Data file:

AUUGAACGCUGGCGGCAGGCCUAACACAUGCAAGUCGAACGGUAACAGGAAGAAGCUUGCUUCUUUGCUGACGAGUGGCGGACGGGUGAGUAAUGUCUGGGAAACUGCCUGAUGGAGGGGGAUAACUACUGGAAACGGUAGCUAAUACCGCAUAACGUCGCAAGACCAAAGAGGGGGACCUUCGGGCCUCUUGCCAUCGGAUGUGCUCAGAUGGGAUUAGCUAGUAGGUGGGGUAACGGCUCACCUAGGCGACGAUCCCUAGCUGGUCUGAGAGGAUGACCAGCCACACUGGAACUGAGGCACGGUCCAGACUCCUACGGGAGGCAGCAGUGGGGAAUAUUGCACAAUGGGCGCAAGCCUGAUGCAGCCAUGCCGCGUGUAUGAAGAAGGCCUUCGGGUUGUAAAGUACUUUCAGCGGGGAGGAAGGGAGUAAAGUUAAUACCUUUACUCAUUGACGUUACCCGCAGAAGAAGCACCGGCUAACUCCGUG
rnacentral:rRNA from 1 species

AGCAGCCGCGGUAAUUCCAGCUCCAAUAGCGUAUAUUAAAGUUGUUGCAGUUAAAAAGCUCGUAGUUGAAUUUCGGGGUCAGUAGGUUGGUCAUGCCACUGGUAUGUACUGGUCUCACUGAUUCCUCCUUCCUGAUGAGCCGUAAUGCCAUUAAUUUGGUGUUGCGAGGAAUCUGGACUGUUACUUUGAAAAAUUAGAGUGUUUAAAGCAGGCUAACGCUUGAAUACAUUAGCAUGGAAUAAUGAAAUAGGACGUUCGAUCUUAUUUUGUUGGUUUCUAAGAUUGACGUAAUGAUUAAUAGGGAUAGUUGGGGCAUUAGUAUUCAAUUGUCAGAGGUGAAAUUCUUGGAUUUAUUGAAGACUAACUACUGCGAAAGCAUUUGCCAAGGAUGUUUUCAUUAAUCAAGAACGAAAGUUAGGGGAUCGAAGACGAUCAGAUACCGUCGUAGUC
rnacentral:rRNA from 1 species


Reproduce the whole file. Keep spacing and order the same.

AUUGAACGCUGGCGGCAGGCCUAACACAUGCAAGUCGAACGGUAACAGGAAGAAGCUUGCUUCUUUGCUGACGAGUGGCGGACGGGUGAGUAAUGUCUGGGAAACUGCCUGAUGGAGGGGGAUAACUACUGGAAACGGUAGCUAAUACCGCAUAACGUCGCAAGACCAAAGAGGGGGACCUUCGGGCCUCUUGCCAUCGGAUGUGCUCAGAUGGGAUUAGCUAGUAGGUGGGGUAACGGCUCACCUAGGCGACGAUCCCUAGCUGGUCUGAGAGGAUGACCAGCCACACUGGAACUGAGGCACGGUCCAGACUCCUACGGGAGGCAGCAGUGGGGAAUAUUGCACAAUGGGCGCAAGCCUGAUGCAGCCAUGCCGCGUGUAUGAAGAAGGCCUUCGGGUUGUAAAGUACUUUCAGCGGGGAGGAAGGGAGUAAAGUUAAUACCUUUACUCAUUGACGUUACCCGCAGAAGAAGCACCGGCUAACUCCGUG
rnacentral:rRNA from 1 species

AGCAGCCGCGGUAAUUCCAGCUCCAAUAGCGUAUAUUAAAGUUGUUGCAGUUAAAAAGCUCGUAGUUGAAUUUCGGGGUCAGUAGGUUGGUCAUGCCACUGGUAUGUACUGGUCUCACUGAUUCCUCCUUCCUGAUGAGCCGUAAUGCCAUUAAUUUGGUGUUGCGAGGAAUCUGGACUGUUACUUUGAAAAAUUAGAGUGUUUAAAGCAGGCUAACGCUUGAAUACAUUAGCAUGGAAUAAUGAAAUAGGACGUUCGAUCUUAUUUUGUUGGUUUCUAAGAUUGACGUAAUGAUUAAUAGGGAUAGUUGGGGCAUUAGUAUUCAAUUGUCAGAGGUGAAAUUCUUGGAUUUAUUGAAGACUAACUACUGCGAAAGCAUUUGCCAAGGAUGUUUUCAUUAAUCAAGAACGAAAGUUAGGGGAUCGAAGACGAUCAGAUACCGUCGUAGUC
rnacentral:rRNA from 1 species